Technology and fashion aren’t obvious bed-mates, but technology is accelerating so fast that we are ALL wearing it in some way; whether it’s carrying phones with built in accelerometers (that monitor your movements) or designer brand iPhone cases.
The face of fashion-tech is changing. Last year, designer Diane Von Furstenberg collaborated with Google, having her models walk the New York Fashion Week runway wearing Google Glass. And former Burberry CEO, Angela Ahrendts, was poached by Apple to be their new retail chief.
This year, the third FashionWare catwalk show was held in Las Vegas. It showcased a number of high tech fashion brands, many of which qualified as stylish – something that is relatively new to the “wearables” market, which is traditionally function first, form second. (Disclaimer: I have presented twice for the show).
Fashion designer Amy Winters designed the Rainbow Winters collection, which combined technology with style.
“The first thing I ever made was an electroluminescent dress,” she said. “It starts to illuminate when you speak to it.” The dress is volume activated, and the louder the sound is around it, the brighter it glows. “I trained originally as a theater designer,“ she told us. “I came across this amazing flower with shape memory alloys; as you walked towards it, it would move! That inspired me to see what more you could do with fashion.”
Winters is a good example of a fashion-technology designer who understands how to incorporate science into style.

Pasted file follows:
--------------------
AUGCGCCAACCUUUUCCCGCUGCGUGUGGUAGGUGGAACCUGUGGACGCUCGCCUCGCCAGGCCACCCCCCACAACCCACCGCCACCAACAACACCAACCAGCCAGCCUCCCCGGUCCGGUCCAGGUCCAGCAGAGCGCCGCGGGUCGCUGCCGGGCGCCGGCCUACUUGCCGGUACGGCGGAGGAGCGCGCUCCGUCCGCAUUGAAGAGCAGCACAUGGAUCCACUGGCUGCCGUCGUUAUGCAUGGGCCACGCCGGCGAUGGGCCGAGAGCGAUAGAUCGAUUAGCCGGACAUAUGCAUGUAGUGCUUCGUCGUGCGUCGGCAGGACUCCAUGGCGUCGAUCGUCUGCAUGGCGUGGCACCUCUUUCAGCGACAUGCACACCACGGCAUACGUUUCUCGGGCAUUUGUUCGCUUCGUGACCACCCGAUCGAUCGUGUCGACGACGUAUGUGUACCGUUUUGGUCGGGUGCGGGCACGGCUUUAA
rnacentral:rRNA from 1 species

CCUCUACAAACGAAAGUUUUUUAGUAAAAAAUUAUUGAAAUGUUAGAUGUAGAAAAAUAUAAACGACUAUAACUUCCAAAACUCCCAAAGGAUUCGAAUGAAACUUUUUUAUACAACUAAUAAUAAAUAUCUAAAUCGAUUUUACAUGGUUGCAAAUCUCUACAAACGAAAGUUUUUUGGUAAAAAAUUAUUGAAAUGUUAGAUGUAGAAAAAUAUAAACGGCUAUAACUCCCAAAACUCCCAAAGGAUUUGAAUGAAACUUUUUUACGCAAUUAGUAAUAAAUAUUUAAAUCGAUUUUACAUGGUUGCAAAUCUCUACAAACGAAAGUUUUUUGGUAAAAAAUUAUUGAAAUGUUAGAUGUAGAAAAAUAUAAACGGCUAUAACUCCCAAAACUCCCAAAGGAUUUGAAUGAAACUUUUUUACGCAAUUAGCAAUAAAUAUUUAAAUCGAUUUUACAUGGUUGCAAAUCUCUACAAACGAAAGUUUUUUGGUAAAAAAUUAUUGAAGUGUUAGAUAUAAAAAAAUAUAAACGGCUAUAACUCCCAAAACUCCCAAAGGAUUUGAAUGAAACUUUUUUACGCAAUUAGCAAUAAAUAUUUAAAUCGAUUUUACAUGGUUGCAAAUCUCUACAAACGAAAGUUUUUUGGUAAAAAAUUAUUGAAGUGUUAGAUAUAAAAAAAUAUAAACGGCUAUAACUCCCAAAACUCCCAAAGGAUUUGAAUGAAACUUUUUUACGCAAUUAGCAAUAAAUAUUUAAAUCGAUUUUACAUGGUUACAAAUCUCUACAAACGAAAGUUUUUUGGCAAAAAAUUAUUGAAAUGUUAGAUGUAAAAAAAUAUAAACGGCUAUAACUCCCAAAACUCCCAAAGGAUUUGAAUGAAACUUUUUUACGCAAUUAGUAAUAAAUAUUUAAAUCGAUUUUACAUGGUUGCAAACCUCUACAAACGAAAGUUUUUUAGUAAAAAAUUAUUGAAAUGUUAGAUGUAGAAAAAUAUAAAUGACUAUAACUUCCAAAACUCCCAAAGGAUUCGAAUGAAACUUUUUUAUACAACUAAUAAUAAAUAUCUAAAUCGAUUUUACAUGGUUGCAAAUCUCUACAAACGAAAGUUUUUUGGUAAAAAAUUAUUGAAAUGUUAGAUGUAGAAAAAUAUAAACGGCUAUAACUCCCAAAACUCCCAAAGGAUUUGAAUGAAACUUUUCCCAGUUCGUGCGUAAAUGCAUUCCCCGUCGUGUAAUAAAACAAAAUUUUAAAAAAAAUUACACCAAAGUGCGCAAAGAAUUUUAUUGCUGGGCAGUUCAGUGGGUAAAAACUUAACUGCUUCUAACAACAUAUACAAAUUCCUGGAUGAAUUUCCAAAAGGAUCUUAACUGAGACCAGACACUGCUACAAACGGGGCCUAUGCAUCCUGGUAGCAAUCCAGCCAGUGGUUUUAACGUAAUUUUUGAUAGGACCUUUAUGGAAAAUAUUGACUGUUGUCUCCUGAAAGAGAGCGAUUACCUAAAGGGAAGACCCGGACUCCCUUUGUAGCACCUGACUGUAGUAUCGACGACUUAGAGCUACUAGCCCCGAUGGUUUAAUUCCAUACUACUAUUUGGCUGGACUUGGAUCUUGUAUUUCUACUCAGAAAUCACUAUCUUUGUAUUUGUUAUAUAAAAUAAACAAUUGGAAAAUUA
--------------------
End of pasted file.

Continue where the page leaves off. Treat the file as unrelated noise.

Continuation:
“I’ve used everything from water reactive fabric to sunlight reactive fabric,” she said. “A dress that is sunlight reactive will be one color insides, white for instance, and then purple outside.”
The majority of the fashion technology market falls into the wearables category. Things like fitness trackers and smartwatches. But recent news has showed how many of these items are evolving into high fashion.
Fitbit announced that they have teamed up with Tory Burch to create a gorgeous delicate gold Fitness Tracker, – out later this year. Another new brand was introduced, June by Netatmo, a French designed bracelet that comes in three colorways. It contains a jewel that measures sun exposure, and tells you – through their app – when you should put on more sunscreen.
Technology brands want to get involved with the lucrative fashion world, and they are opting for different ways to do this. Intel, for example, has just released details of a smart bracelet collaboration they are making with Opening Ceremony. CEO Brian Krzanich shared that he is creating “a competition to create the best wearable devices with $1.3 million in prize money.”
The future of fashion technology is not here just yet, but with such a large amount of change and development, it’s just a click and a Glasshole away.